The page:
Canada and Greenland in plastic

In another of her experiments, Cenedese recreated a similar scenario: Into a box, she inserted a block of plastic representing Canada. To the right, another smaller block stood in for Greenland. In between, was a channel, simulating one of the channels in the Canadian archipelago leading to Baffin Bay on the west side of Greenland.

Cenedese injected a stream of relatively fresh water into the box, representing the less salty Pacific Ocean water that flows through the Bering Strait into the Arctic Ocean. As the box (and the Earth) rotates, the fresh water forms a current that hugs the coastline. The question is: How much will be diverted through the channel (and down the west coast of “Greenland”) and how much will continue around the “Greenland” plastic island, through what in the real world would be the Fram Strait, and into the North Atlantic?

The question isn’t entirely academic because in the real world, fresh water flowing out of the Arctic and into the Atlantic can alter ocean circulation and cause climate changes, and melting Arctic sea ice and glaciers could produce more fresh water. Getting the fluid dynamics right offers more reliable predictions of future climate change.

“The theory has all the variables and factors, but in the lab, you can vary the width or depth of the channel, or the depth of the current, or the geometry or ‘smoothness’ of the ‘coastline,’ and test which variables are most critical,” Cenedese said.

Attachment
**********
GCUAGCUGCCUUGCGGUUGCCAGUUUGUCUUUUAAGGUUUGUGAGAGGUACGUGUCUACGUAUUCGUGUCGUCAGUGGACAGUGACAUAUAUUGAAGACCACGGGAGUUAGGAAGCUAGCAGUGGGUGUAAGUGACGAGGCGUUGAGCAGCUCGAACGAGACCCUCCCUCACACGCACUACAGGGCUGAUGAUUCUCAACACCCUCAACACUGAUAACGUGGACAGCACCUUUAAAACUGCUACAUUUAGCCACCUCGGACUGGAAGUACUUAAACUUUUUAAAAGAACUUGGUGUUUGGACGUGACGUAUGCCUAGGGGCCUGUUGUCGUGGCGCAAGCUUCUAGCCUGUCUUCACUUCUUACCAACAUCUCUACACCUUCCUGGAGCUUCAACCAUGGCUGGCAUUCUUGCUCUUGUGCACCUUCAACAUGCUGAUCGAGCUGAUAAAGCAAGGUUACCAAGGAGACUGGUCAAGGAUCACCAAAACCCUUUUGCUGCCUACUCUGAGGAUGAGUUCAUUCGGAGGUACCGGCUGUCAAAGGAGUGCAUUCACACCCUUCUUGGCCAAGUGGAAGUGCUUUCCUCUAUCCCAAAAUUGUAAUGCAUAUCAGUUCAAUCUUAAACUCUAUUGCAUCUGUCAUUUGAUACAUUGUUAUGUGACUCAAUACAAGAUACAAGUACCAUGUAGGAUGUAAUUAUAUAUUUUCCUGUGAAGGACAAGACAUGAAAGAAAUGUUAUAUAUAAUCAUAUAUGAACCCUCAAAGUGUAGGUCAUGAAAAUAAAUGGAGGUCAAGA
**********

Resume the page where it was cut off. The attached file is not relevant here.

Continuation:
Fast eddies

“Numerical models are getting pretty good, but they are still filled with approximations,” Helfrich said. “Laboratory experiments can identify where the theory fails and spur development of more refined and accurate theories.”
Other times, Cenedese said, the experiments turn up things that are completely unexpected and never seen before. “Then I go down the hall to (WHOI physical oceanographer) Dave Fratantoni, who conducts experiments at sea, and say, ‘Have you ever observed something like this?’ And then they can go out and try to observe it in the real ocean.”

Collaborations among theoreticians, observationalists, and experimentalists go in all  directions.

“That’s why it’s great to work here at WHOI,” she said. “Colleagues often come into the lab just to visualize large-scale processes, to gain insights into what they observe in the ocean. And I value the ideas for experiments that I get from colleagues.”

For example: Using floats to track the North Brazilian Current off South America’s northeast coast, Fratantoni and WHOI oceanographer Phil Richardson observed great eddies spinning off and heading north toward the Lesser Antilles islands. When they hit the islands, do they break up like bubbles into smaller eddies on the other sides of the islands? How much warm North Brazilian Current waters actually makes it through the island barriers into the Caribbean Sea?

Using plastic islands to represent Barbados, St. Vincent, and Grenada, Cenedese replicated the scenario in a box.

“Claudia has a great eye for choosing problems and going after them in the lab,” Helfrich said.

Claudia Cenedese’s research has been funded by the National Science Foundation. She is a Coastal Ocean Institute fellow at WHOI.